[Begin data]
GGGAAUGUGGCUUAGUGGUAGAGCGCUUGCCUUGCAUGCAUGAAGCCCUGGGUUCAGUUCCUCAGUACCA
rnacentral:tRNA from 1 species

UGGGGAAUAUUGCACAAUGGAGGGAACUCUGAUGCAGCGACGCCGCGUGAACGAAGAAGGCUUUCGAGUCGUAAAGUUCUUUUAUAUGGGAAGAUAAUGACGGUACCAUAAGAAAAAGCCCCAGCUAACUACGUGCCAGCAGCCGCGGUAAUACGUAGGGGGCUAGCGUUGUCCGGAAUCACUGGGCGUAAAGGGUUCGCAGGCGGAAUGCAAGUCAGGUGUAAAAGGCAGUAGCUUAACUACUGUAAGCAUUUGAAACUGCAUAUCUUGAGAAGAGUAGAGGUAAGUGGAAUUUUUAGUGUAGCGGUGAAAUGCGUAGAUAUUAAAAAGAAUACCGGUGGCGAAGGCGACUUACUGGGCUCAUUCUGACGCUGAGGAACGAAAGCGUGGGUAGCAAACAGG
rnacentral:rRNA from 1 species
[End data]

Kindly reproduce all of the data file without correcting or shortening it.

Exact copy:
GGGAAUGUGGCUUAGUGGUAGAGCGCUUGCCUUGCAUGCAUGAAGCCCUGGGUUCAGUUCCUCAGUACCA
rnacentral:tRNA from 1 species

UGGGGAAUAUUGCACAAUGGAGGGAACUCUGAUGCAGCGACGCCGCGUGAACGAAGAAGGCUUUCGAGUCGUAAAGUUCUUUUAUAUGGGAAGAUAAUGACGGUACCAUAAGAAAAAGCCCCAGCUAACUACGUGCCAGCAGCCGCGGUAAUACGUAGGGGGCUAGCGUUGUCCGGAAUCACUGGGCGUAAAGGGUUCGCAGGCGGAAUGCAAGUCAGGUGUAAAAGGCAGUAGCUUAACUACUGUAAGCAUUUGAAACUGCAUAUCUUGAGAAGAGUAGAGGUAAGUGGAAUUUUUAGUGUAGCGGUGAAAUGCGUAGAUAUUAAAAAGAAUACCGGUGGCGAAGGCGACUUACUGGGCUCAUUCUGACGCUGAGGAACGAAAGCGUGGGUAGCAAACAGG
rnacentral:rRNA from 1 species